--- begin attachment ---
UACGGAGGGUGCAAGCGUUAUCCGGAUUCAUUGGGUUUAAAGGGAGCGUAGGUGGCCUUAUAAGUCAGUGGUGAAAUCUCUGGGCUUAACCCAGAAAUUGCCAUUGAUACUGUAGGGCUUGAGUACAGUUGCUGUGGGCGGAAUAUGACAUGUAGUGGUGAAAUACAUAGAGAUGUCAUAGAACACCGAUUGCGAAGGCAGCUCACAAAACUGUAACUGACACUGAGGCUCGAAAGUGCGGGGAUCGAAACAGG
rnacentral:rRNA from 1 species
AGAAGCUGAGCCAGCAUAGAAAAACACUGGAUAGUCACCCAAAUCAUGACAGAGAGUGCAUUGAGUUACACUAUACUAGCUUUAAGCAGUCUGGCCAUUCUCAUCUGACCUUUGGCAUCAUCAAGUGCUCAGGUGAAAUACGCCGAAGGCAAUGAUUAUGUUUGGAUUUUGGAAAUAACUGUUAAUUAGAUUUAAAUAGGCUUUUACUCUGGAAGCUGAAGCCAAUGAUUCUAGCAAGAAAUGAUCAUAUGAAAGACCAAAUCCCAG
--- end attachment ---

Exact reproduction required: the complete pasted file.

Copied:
UACGGAGGGUGCAAGCGUUAUCCGGAUUCAUUGGGUUUAAAGGGAGCGUAGGUGGCCUUAUAAGUCAGUGGUGAAAUCUCUGGGCUUAACCCAGAAAUUGCCAUUGAUACUGUAGGGCUUGAGUACAGUUGCUGUGGGCGGAAUAUGACAUGUAGUGGUGAAAUACAUAGAGAUGUCAUAGAACACCGAUUGCGAAGGCAGCUCACAAAACUGUAACUGACACUGAGGCUCGAAAGUGCGGGGAUCGAAACAGG
rnacentral:rRNA from 1 species
AGAAGCUGAGCCAGCAUAGAAAAACACUGGAUAGUCACCCAAAUCAUGACAGAGAGUGCAUUGAGUUACACUAUACUAGCUUUAAGCAGUCUGGCCAUUCUCAUCUGACCUUUGGCAUCAUCAAGUGCUCAGGUGAAAUACGCCGAAGGCAAUGAUUAUGUUUGGAUUUUGGAAAUAACUGUUAAUUAGAUUUAAAUAGGCUUUUACUCUGGAAGCUGAAGCCAAUGAUUCUAGCAAGAAAUGAUCAUAUGAAAGACCAAAUCCCAG